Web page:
TreatmentsThe amount taken from the suspension of each bacteria strain (mL)The total amount of formulation (mL)The amount of water (mL)
Control0.00.01,000.0
T117.552.5947.5
T235.0105.0895.0
T370.0210.0790.0
T4140.0420.0580.0
T5280.0840.0160.0

The maximum and minimum temperatures and relative humidity in the research greenhouse were monitored by using a Digital Temperature Humidity Meter (Loobex Htc-2). The temperature inside the research greenhouse ranged between 10.79 and 39.45°C. The relative humidity was in the range of 11.33–84.86%.

After 155–160 days from bacterial inoculation (Figure 1), the vegetative growth of the poinsettia plants (diameter of stems, chlorophyll content, green and bract leaf area, plant fresh and dry weight, number of roots, root diameter and length, root fresh and dry weight) were recorded. The measurements were taken on the plants when they reached the optimum marketing (sales) time. The stem diameter was measured immediately below the first branch using a digital calliper. The chlorophyll content parameter was obtained by calculating the average of the readings taken by using the portable chlorophyll metre (SPAD-502, Minolta, Japan) on five plants and five different leaves of each plant. The leaf area was measured using a CI 202 Portable Digital Brand Leaf Area Meter. The plant roots were washed and the growing medium was removed. After washing, the roots of five plants from each repetition of each application were examined. Two longest roots from each plant were collected at random and their diameters measured. The root diameter was averaged along the root. The two longest roots of a plant were counted and the longest root length was measured and the average was taken. Plant and root tissue samples were oven-dried at 68°C for 48 h, ground, and passed through a 1-mm sieve. The Vapodest 10 Rapid Kjeldahl Distillation Unit (Gerhardt, Germany) and the Kjeldahl method were used to determine the total N (Bremner, 1996) in the growth medium, plant and root.

Figure 1

The appearance of (different concentrations of bacterial formulation)-treatment and control plants on day 160.

The nitrate reductase (NR) assay followed the method according to Yu and Zhang (2012) with slight modifications. About 30 mg bract leaves were homogenised with 1 mL of 0.1 M HEPES–KOH buffer solution (pH 7.5) containing 3% (w/v) polyvinylpolypyrrolidone (PVPP), 1 mM ethylenediaminetetraacetic acid (EDTA) and 7 mM cysteine. The homogenate was centrifuged for 10 min at 10,000 g at 4°C, and the supernatant was used for NR activity analysis according to the methods described by several previous reports (Jonassen et al., 2008; Zhang et al., 2011). The NR activity was calculated as mol NO2 produced per hour and gram of fresh weight (mol NO2 · g−1 · FWh−1). For Glutamine synthetase activity (GSA) assay, the bract leaf samples were extracted with 0.5 mmol · L−1 EDTA and 50 mmol · L−1 K2SO4. The homogenates were centrifuged at 20,000 g for 20 min. Then, 1.2 mL of the clear filtrate was added to a centrifuge tube, followed by 0.6 mL imidazole–HCl (pH 7.0; 0.25 mol · L−1), 0.4 mL sodium glutamate (pH 7.0; 0.3 mol · L−1), 0.4 mL ATP–Na (pH 7.0; 15 mmol · L−1), 0.2 mL MgSO4 (0.5 mol · L−1) and 0.2 mL hydroxylamine (1 mol · L−1). After the mixture was incubated at 25°C for 20 min, the reaction was terminated by adding 0.8 mL acidic FeCl3 [24% (w/v) trichloroacetic acid and 10% (w/v) FeCl3, in 18% HCl]. The production of γ-glutamyl hydroxamate was measured with a spectrophotometer at 540 nm. One unit of GSA was defined as the enzyme catalysing the formation of 1 mmol γ-glutamyl hydroxamate per minute at 25°C (Zhang et al., 1997; Liu et al., 2013). One unit of GS activity was expressed in μmol GHA · h−1.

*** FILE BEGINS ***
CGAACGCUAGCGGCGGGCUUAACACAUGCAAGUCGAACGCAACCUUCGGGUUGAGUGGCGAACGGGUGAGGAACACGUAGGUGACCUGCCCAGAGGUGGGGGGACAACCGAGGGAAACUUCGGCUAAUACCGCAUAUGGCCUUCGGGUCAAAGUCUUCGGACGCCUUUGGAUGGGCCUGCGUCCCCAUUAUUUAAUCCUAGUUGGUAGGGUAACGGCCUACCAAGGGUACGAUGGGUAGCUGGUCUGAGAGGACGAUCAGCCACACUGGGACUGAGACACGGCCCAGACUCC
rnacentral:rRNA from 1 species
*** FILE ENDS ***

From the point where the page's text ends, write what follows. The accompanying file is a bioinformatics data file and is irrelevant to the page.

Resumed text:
The statistical analysis was made using SPSS. The data were subjected to analysis of variance, then the means were separated by using Duncan’ Multiple Range Test (p < 0.05). For graphic creation of data of some parameters, the SigmaPlot 12 (Systat Software Inc) was used.

RESULTS